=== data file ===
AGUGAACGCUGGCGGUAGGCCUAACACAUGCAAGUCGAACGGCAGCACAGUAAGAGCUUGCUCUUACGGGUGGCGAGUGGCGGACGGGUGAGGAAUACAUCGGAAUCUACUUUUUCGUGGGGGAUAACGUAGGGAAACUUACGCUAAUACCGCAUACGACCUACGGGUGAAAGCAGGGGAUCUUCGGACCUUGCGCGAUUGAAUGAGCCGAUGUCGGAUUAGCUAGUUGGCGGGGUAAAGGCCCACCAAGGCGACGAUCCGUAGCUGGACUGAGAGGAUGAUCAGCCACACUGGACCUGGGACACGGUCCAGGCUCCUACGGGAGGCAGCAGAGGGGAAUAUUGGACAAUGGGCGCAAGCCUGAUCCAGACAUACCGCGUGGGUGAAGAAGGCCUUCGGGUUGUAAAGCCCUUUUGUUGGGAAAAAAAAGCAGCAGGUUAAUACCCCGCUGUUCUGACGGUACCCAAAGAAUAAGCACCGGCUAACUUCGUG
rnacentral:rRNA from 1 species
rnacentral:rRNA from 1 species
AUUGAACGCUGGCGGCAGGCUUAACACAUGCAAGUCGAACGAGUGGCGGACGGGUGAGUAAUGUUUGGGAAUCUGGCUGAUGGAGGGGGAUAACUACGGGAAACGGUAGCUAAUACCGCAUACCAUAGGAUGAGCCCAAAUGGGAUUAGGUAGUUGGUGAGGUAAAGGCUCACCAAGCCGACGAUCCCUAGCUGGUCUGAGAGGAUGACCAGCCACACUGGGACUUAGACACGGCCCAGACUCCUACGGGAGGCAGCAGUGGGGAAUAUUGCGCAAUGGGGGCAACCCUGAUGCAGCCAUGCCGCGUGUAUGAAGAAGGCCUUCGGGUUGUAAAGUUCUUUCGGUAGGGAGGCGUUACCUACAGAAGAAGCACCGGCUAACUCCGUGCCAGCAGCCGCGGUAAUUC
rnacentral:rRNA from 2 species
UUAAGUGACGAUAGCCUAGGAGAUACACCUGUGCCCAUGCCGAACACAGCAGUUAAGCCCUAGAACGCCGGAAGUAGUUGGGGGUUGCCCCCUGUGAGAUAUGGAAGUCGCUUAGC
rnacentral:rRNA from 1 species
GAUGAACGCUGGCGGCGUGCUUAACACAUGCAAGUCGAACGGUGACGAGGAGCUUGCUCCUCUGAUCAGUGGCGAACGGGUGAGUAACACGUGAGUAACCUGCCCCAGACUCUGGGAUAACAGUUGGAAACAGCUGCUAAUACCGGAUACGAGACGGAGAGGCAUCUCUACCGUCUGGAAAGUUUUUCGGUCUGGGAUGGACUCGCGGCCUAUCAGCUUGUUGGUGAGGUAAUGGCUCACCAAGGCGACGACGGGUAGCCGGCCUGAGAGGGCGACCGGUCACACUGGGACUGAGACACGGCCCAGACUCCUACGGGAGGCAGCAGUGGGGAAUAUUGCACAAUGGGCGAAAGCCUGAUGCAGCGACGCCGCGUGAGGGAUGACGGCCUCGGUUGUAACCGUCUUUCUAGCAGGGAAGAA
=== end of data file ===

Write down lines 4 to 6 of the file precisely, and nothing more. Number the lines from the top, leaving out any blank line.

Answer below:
AUUGAACGCUGGCGGCAGGCUUAACACAUGCAAGUCGAACGAGUGGCGGACGGGUGAGUAAUGUUUGGGAAUCUGGCUGAUGGAGGGGGAUAACUACGGGAAACGGUAGCUAAUACCGCAUACCAUAGGAUGAGCCCAAAUGGGAUUAGGUAGUUGGUGAGGUAAAGGCUCACCAAGCCGACGAUCCCUAGCUGGUCUGAGAGGAUGACCAGCCACACUGGGACUUAGACACGGCCCAGACUCCUACGGGAGGCAGCAGUGGGGAAUAUUGCGCAAUGGGGGCAACCCUGAUGCAGCCAUGCCGCGUGUAUGAAGAAGGCCUUCGGGUUGUAAAGUUCUUUCGGUAGGGAGGCGUUACCUACAGAAGAAGCACCGGCUAACUCCGUGCCAGCAGCCGCGGUAAUUC
rnacentral:rRNA from 2 species
UUAAGUGACGAUAGCCUAGGAGAUACACCUGUGCCCAUGCCGAACACAGCAGUUAAGCCCUAGAACGCCGGAAGUAGUUGGGGGUUGCCCCCUGUGAGAUAUGGAAGUCGCUUAGC